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Gifted Students and the Need for an Intellectual Peer

Gifted Students and the Need for an Intellectual Peer

Monday, November 08, 2021

Written by: Dr. Kelly Van Sande, ILA Founder & Head of School - and a parent of two gifted children

Students with high intellect demonstrate many of the same needs and desires as their non-gifted peers; they want to feel included, have friends, play games, and hold on to a 'stuffy' (stuffed animal) when they are young and feeling uncertain. Yet, their needs become more complicated as they often struggle to identify and relate to their peers. While this is true from an early age, young children are typically more able to adapt, even if it is at the expense of 'hiding' their giftedness from others. As a child grows and matures, the differences become more apparent and feelings of isolation and 'being different' may start to creep in.


Yet, when a child with uniquely high intellect is matched with a peer of similar intellect, interest, and passion, magic is ignited.

The presence of stimulating discussion, the freedom in asking as many questions as desired, and the connection formed when two children share a passion for a similar topic, allows a child to blossom in a way many have yet to do until that point. Multiple studies of gifted children have yielded similar response, including Gross' findings (1993) that more than 80% of children with an IQ of 160 or above experience social isolation in the general education classroom coupled with perpetual academic and emotional frustration.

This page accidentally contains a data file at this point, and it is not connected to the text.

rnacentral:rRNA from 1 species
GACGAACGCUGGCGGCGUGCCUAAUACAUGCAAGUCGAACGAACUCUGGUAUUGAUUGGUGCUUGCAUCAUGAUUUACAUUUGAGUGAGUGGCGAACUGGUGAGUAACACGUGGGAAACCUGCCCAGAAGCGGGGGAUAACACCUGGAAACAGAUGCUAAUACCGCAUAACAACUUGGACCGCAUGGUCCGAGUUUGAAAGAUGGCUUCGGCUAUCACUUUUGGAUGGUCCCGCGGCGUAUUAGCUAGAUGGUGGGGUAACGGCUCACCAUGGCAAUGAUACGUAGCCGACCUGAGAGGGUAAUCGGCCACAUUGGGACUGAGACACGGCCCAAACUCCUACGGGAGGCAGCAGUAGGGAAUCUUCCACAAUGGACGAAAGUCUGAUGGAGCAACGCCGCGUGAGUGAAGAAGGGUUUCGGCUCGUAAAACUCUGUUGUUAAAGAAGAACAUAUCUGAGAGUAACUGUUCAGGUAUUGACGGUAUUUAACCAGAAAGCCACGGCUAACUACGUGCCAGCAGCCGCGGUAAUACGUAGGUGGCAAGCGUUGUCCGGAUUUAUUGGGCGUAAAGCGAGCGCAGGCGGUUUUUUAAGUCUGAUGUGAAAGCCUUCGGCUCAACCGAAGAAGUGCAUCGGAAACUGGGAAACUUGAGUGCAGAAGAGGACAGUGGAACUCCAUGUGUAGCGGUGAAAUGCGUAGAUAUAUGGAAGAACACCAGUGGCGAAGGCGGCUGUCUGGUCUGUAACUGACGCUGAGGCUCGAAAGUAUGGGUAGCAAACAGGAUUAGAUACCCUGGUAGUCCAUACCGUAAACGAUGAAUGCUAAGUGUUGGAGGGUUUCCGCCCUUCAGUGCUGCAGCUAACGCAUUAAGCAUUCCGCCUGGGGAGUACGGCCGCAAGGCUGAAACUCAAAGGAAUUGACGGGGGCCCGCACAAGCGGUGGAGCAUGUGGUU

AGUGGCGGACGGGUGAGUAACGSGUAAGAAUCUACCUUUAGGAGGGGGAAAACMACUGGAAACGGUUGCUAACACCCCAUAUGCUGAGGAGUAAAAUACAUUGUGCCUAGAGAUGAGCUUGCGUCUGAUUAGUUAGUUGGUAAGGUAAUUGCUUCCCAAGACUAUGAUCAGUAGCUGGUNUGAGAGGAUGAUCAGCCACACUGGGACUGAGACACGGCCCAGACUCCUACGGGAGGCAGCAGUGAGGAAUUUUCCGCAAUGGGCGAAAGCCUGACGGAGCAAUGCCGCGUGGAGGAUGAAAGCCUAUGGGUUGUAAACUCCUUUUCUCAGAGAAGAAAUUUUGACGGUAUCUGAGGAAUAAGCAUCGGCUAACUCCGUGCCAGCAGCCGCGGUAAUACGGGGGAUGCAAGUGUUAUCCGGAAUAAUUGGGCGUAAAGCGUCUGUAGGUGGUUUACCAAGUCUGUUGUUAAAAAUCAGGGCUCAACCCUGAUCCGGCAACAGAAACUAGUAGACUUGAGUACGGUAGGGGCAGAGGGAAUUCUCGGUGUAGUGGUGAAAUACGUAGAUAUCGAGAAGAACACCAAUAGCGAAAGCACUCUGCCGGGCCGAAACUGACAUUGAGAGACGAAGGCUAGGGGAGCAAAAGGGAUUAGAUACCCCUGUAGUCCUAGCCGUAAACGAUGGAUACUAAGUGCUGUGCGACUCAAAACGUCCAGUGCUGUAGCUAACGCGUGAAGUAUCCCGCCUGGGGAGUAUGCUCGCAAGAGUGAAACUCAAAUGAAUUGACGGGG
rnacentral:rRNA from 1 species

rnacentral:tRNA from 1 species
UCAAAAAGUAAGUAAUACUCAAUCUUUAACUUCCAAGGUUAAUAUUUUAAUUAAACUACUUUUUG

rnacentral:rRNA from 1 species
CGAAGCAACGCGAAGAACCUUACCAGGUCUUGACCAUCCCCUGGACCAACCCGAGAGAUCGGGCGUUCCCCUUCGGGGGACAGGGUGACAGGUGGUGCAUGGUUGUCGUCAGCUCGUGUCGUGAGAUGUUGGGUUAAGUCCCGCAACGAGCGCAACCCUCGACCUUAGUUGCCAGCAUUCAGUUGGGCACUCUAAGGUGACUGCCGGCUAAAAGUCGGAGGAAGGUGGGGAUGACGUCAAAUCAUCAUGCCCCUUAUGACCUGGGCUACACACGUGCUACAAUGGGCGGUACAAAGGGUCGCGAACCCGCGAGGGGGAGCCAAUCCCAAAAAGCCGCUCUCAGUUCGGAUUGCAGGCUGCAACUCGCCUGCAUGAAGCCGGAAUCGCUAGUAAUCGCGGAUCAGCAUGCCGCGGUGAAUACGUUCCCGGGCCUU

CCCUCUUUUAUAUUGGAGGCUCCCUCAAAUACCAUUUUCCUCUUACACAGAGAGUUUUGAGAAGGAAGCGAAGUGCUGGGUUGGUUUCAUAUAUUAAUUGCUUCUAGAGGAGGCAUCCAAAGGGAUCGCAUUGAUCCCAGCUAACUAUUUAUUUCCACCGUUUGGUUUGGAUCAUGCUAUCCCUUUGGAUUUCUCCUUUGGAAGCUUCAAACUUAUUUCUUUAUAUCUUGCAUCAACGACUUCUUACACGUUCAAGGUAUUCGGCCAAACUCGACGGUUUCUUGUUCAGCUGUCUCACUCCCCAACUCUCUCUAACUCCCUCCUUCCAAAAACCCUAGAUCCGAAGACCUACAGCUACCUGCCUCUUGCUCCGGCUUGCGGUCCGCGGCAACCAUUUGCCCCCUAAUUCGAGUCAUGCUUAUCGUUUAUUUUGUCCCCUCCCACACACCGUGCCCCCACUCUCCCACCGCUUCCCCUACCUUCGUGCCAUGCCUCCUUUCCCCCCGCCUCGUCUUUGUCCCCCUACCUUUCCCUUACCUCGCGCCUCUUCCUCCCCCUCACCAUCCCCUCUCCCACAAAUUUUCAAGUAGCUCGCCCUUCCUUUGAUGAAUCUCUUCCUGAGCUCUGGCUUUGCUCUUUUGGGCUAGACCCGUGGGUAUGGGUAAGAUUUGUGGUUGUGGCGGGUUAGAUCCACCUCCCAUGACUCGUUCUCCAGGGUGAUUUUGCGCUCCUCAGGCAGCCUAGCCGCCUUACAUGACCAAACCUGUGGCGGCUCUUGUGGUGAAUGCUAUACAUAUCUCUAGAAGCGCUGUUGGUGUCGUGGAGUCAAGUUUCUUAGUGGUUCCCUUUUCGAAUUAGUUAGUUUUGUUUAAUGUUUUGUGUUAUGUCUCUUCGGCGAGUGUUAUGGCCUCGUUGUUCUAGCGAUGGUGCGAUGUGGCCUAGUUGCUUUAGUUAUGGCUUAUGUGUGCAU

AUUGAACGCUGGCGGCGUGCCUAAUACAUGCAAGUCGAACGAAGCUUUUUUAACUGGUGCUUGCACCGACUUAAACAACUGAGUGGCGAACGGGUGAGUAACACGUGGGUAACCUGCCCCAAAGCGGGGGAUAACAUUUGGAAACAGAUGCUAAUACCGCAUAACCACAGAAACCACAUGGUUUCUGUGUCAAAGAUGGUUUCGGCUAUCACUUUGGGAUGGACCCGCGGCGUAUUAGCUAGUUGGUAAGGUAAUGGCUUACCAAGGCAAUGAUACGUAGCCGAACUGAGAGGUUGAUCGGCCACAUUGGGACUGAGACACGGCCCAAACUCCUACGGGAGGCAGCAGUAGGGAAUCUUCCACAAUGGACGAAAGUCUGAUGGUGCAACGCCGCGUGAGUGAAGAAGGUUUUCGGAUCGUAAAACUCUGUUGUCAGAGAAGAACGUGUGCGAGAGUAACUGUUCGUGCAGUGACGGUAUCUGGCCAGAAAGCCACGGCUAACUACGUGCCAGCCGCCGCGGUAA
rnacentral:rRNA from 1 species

Anna, an eight year old girl, pointedly described her bewilderment and confusion with her identity in her poem, Frustration (Gross, 1993). 

Frustration is there, everyway I look,
Grasping at me, like some expensive jewel.
It wells up inside me like an inflating balloon
just waiting to explode.
It gnaws at my mind
Chewing at all particles of thought.
It distracts my brain from concentrating,
Like an itching mosquito bite.
It sucks me downwards into a churning
whirlpool of anger.
I am confused, my thoughts feel like dice in a cup.
They dart dizzily around my head
in a trance-like state.
It forces me ferociously about
If I resist this horrible force it only puts me in pain.
When I am in this hypnotic state
Pressure engulfs me like a thick blanket.
I become its faithful servant.
Its every wish is my command
and my body is dull and lifeless.

Here at Ignite Learning Academy, we belive in the magic of intellectual peers. We connect students with others who share similar passions and intellect and provide them a safe space to build a relationship that will, hopefully, last a lifetime. Students are encouraged to meet with others in breakout rooms after class, and many of our students have standing Zoom 'playdates' (or 'hangouts' for the older students!) arranged by parents due to the child's desire to meet so frequently with his or her new friend. We strategically partner students together to compliment the strength within themselves and of the other student. 

Our mentor program extends this a step further and pairs an older 'Sparkie' (as we often refer to our gifted SPARK program students) with a younger Sparkie to allow the older student to be a first-hand witness to the excitement a mentor-mentee relationship can bring. 
This video was created by a 4th grade mentor student in preparation for a weekly meeting with his kindergarten mentee. Both boys were fascinated by science and had regular discussions where they discussed the working of space, time, and neuroscience. Both students benefited greatly from this experience and it was an incredible experience for their parents, teachers, and staff to see the completeness of the relationship formed.

Learn more about our SPARK program for gifted learners here.
Gross, M.U.M. (1993). Exceptionally gifted children. New York: Routledge.